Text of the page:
- Use bullets.
- Be nice when communicating in whatever way. Pay attention to your body language, be attentive to the body language of your audience.
- People passing code review should not get out of it with a higher temperature. Do not use "that's incorrect" or, even worse, "you're incorrect" bullshit.
- Use spell-checkers (or my favorite Grammarly tool), do not misuse apostrophes (like "its" versus "it's"), ask for proofreading for somebody having equal or better writing skills (there's always something you did wrong).
- Stop and think what is the message you want to deliver. E.g., here I want to share the courses that excited me, which might excite you as well. Make sure that people get some value after communicating with you.
- An image worths a thousand words.
- Pay attention to the ESL issue (English as a Second Language). While P. Randal was speaking more on the issue when you're writing in a very complicated way (because your English is perfect), the situation is quite the opposite to me (I'm trying to write in English, while my first language and the only one I really feel is Russian).
- Be careful with "Reply All" button which may ruin your career ;)
- Be nice, be polite, use "please" and "thank you" magic.
- Always specify what result you're willing to get, when, and whom do you expect to deliver it. Be clear and concise.
- Avoid long emails.
- Ignorance ≠ stupidity.
- What you write is going to stay there forever.
- If you blog, do it regularly (that's something I'm struggling to achieve).
- People do not like dry language. Inject your personality in what you're writing. Btw, this piece of advice is often found in talks like "how to build your personal brand." The common cue is to attach people to your personality.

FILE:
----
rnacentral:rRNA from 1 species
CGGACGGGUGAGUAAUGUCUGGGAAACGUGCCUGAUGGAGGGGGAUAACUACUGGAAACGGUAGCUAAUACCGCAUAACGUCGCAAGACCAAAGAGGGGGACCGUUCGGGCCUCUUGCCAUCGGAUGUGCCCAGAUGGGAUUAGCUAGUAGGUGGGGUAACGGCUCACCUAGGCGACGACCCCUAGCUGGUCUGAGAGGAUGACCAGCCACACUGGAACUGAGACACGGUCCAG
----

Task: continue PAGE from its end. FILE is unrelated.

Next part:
- Be careful with not disclosing any confidential information on your blog.
- Keep comments enabled, moderated, and answered. This way, you cultivate a community of professionals spinning around your blog.
- Presentation is always a two-ingredients thing: the information itself and the presenter. If any of these two is bad, the entire thing is as bad also.
- Only speak about topics you know really (really!) well. This one I vote for as I have a bad experience with not following that kind of advice.
- Understand the level of complexity you're delivering on. P. Randal uses five levels encoded as 100 (Beginner), 200 (Intermediate), 300 (Advanced), 400 (Expert), and 500 (Internal). Do not even try to present a deeper level than your actual understanding of the subject (see the previous bullet).
- Use simple slide deck templates (black text on a white background is just perfect).
- Tell a story. Say what you're going to present, do your presentation, and then recap (spin around your topic). A typical presentation consists of the following blocks: Title, Introduction, Content, Summary.
- Use agenda slides or any sort of progress indication throughout your slides.
- There are several "schools" of organizing slide contents: pictures only; brief bullets; lots of information on every slide. Use whatever works for you.
- Practice a lot to entirely eliminate all these "um" and "err" from your speech. Make it clean. Personally, I would recommend recording and listen to yourself. You will immediately feel the difference between a pure speech and the noisy one with "um" and "err" things. It's better to keep a gap of silence for a moment rather than using such a crappy glue.
Skimming over the library of courses at Pluralsight, I've noticed a lot on web-development, a bit on game development, and absolutely nothing on CAD development. Shouldn't we fix that? Which courses you'd love to see?